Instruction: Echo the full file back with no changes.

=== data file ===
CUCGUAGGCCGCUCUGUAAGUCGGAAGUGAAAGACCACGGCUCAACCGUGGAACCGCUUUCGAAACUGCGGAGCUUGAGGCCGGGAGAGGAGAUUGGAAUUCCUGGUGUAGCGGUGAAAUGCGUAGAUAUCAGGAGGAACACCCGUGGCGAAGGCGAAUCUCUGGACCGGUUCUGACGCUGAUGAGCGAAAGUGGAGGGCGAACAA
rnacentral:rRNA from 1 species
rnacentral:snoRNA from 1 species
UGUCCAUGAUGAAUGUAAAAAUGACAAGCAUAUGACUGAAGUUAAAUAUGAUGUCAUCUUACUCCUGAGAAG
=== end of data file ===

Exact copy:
CUCGUAGGCCGCUCUGUAAGUCGGAAGUGAAAGACCACGGCUCAACCGUGGAACCGCUUUCGAAACUGCGGAGCUUGAGGCCGGGAGAGGAGAUUGGAAUUCCUGGUGUAGCGGUGAAAUGCGUAGAUAUCAGGAGGAACACCCGUGGCGAAGGCGAAUCUCUGGACCGGUUCUGACGCUGAUGAGCGAAAGUGGAGGGCGAACAA
rnacentral:rRNA from 1 species
rnacentral:snoRNA from 1 species
UGUCCAUGAUGAAUGUAAAAAUGACAAGCAUAUGACUGAAGUUAAAUAUGAUGUCAUCUUACUCCUGAGAAG